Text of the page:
Officer Who Shot Cedrick Chatman, 17, In Released Video Has History Of Excessive Force

Another police shooting video has been released, this time of a 17-year-old teen named Cedrick Chatman, shot to death after a foot pursuit following a carjacking. Video of his shooting by Chicago police officer Kevin Fry was made public after an appeal — and a fight with the city — from his family.

Chatman’s family has filed a wrongful-death lawsuit and have fought for months to have the video released, The Chicago Sun Times reported. The city has fought this move tooth and nail, but on Wednesday, U.S. District Judge Robert Gettleman ordered its release.

Cedrick’s mother wanted the video released so that the public could see a different version of events than the one the police have given, the Chatman family attorney, Brian Coffman, said.

“What you’re going to see [is] a young kid running away from the police in broad daylight get shot and killed.”

Three years ago, Cedrick was pursued down the streets of Chicago after he allegedly carjacked a Dodge Charger. The video was captured from a “blue light” camera mounted above an intersection near a high school and local businesses. In the footage, the Charger stops at a light, Fry and fellow officer Lou Toth pull alongside him in an unmarked patrol car, then spring out of the vehicle with guns drawn. Cedrick runs for it.

According to an account of the pursuit as described by the Sun Times, Chatman runs down the street and rounds a corner; the officers gave chase. The video doesn’t have sound, so it’s not clear when the first shots were fired, but as Chatman ducks between two parked cars, he and Toth both duck.

As Cedrick runs further away, Fry stops in the street and points his gun in the teens’ direction (and towards two bystanders) as Toth comes around a corner. Then the teen falls to the sidewalk and Toth apparently places the teen in handcuffs. At that point, CNN noted that Tooth puts his right boot on the shoot teen.

Fry claimed that he shot Cedrick because he believed he was a threat to his partner, who was close behind him.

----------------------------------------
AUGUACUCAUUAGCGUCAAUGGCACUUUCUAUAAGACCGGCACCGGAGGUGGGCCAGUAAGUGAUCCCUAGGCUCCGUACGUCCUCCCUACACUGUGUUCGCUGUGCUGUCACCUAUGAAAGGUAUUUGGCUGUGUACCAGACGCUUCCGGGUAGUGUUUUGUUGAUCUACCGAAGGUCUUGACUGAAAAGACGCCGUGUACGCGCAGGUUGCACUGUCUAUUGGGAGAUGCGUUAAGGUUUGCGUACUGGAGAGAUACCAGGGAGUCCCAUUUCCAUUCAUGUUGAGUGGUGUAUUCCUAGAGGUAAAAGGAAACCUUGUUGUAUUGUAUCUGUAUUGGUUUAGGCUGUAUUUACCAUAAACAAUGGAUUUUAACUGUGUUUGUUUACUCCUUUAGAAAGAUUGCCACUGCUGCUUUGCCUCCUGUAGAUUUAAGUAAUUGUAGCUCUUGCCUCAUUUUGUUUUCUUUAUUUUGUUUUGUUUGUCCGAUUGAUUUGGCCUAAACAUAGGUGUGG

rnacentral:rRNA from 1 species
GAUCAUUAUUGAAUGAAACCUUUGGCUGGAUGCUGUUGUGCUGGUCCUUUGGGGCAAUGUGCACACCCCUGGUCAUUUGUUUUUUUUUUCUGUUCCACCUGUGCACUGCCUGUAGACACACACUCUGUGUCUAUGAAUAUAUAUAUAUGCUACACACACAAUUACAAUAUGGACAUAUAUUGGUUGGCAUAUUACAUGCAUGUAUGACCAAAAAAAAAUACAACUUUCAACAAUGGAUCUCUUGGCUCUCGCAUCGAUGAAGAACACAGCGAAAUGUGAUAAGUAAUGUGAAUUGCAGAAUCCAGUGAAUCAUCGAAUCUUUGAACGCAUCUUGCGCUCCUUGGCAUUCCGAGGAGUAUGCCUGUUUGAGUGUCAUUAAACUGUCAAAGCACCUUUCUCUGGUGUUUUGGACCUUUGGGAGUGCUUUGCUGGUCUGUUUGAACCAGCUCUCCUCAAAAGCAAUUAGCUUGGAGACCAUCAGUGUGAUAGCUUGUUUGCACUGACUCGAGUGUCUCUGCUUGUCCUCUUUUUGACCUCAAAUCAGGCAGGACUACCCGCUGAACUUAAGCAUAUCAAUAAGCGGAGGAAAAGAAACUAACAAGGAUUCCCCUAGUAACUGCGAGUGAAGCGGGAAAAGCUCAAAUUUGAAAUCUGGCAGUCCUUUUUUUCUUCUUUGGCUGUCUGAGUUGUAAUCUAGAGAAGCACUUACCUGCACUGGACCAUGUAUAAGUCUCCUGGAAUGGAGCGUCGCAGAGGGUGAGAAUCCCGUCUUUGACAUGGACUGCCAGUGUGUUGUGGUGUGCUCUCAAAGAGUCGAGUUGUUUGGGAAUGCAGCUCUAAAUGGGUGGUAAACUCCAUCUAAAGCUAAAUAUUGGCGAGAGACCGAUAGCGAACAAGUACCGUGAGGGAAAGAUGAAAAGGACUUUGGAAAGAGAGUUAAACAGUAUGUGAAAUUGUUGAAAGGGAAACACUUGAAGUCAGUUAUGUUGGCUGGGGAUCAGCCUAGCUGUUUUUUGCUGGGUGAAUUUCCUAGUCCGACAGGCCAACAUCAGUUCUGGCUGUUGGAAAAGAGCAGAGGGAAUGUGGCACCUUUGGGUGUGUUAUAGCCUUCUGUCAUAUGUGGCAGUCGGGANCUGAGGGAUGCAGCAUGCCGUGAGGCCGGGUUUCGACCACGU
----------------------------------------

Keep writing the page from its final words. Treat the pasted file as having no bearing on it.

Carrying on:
“As Mr. Chatman approaches the corner, he makes a slight turn, a subtle turn to the right with his upper body. I see in his right hand a dark gray or black object,” Fry said; so he shot four times. He didn’t say anything beforehand, or give orders before firing his weapon. “I felt his threat was as such that I didn’t have time to say anything.”

The object in Chatman’s hand wasn’t a weapon — it was a black iPhone box he’d apparently stolen from the car, and which he never pointed at either officer. After he’d been wounded, Cedrick reportedly told Toth “I give up. I’m shot.” The teen later died at a local hospital.

An investigation into Cedrick’s shooting by the State’s Attorney and the Independent Police Review Authority officially cleared both officers, after IPRA investigator and former police officer and attorney Lorenzo Davis refused to exonerate them. At first, he ruled the shooting was unjustified, and claims he was fired as a result. He has since filed a lawsuit against the city.

“I pay most attention to Officer Fry. Mr. Chatman is simply trying to get away. He’s running as fast as he can away from the officers. Officer (Lou) Toth is right behind him; he’s doing the right thing. He’s pursuing him. He’s trying to capture him, while Officer Fry, on the other hand, has both of his hands on his weapon. He is in a shooter’s position. He is looking for a clear shot.”

The police department hired a new investigator, who cleared the Fry and Toth for shooting Cedrick Chatman.

Fry has a long history of excessive use of force complaints: 10 altogether, among 30 general complaints. Back in 2007, he and a partner shot a 16-year-old black male at a school after mistaking his shiny belt buckle for a weapon. Like Cedrick Chatman’s, that shooting was deemed justifiable, but the city settled with the teen and his family for $99,000, without an admission of guilt.

[Photo Via City of Chicago Law Department/AP]